One of the most popular current theories is that giant galaxies like NGC 1132 are made from the merger and assimilation of lots of smaller galaxies. Over time these vast elliptical giants like NGC 1132 emerge as enormous conglomerations of stars. Sounds all very vicious but in fact this galactic cannibalism is probably quite commonplace in the Universe if our theories of galaxy evolution are correct. Indeed Hubble scientists believe that our own Milky Way may have been partial to devouring the odd dwarf galaxy which strayed too close to it.
Yet the one question that we are bound to ask is how do we know? Well the answer comes from two main lines of evidence. The first is globular clusters. Galaxies like the Milky Way are home to globular clusters which reside above and below the disc of the galaxy. These are extremely ancient (and fairly compact) balls of stars and are useful tools for studying the evolution of stars. If you know where to look you can spot them through a small telescope on a clear night.
When Hubble scientists looked at NGC 1132 they noticed something interesting. A vast collection of globular clusters around the massive galaxy. They believe that what they are seeing are the globular clusters of NGC 1132’s victims – whole globular clusters that have been cast away as NGC 1132 merges with their parent galaxies. Since the stars in globulars are packed much more densely than the normal stars in the unfortunate galaxies their collective gravity holds the globular together. This means they can survive the huge gravitational disruptions involved in the merger and breakup of their parent galaxy.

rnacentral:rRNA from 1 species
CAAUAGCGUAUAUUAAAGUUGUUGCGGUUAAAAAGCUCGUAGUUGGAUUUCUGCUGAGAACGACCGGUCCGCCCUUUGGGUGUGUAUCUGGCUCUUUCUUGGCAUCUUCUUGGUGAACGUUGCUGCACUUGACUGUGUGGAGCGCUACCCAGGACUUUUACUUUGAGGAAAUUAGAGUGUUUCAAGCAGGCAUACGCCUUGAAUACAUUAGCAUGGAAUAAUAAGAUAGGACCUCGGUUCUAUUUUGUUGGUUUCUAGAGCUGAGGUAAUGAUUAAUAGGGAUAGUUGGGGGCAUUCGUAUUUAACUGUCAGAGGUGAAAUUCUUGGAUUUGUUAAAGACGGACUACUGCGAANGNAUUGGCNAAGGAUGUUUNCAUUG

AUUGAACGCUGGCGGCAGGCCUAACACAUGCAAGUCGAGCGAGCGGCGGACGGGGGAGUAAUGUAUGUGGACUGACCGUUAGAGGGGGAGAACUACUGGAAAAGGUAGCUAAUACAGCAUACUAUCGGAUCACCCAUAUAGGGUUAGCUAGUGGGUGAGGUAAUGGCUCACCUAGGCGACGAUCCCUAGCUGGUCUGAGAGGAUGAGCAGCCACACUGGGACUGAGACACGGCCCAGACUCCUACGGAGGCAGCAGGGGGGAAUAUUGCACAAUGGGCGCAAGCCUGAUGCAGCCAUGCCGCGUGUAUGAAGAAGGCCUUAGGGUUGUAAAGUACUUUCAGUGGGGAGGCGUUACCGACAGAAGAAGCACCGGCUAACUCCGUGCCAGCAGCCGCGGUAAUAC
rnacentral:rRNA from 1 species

The second piece of evidence comes from material we can’t see in this image – dark matter. Observations have shown that NGC 1132 is surrounded by a truly enormous cloud of dark matter. The dark matter cloud is thought to hold quantities of dark matter that are normally found residing in whole galaxy clusters of between ten and a few hundred galaxies – not one galaxy as seen with NGC 1132! NASA’s Chandra X-ray observatory was able to show that the galaxy is also surrounded by a glow from X-rays emitted from hot gas – about 120,000 light years in diameter – roughly the size of a galaxy cluster, giving yet more support to the idea that NGC 1132 is the result of the merging of one entire galaxy cluster.
If you want to find about more about this fascinating new result visit the Hubble website and whilst you’re there check out the latest Hubblecast.
Above: NGC 1132 from the HST
Image credit: NASA, ESA and the Hubble Heritage (STScI/AURA)-ESA/Hubble Collaboration. Acknowledgment: M. West (ESO, Chile)
I achieved a milestone today in that I have finally got all the necessary image permissions for my book. The images are really cool and I can’t wait to submit my manuscript later in the year. Now I just have to finish the text…so it’s back to the word processor for me! In the mean time check out this incredible new image from Hubble and if you want to find out more about what’s going on in the image download the Hubblecast!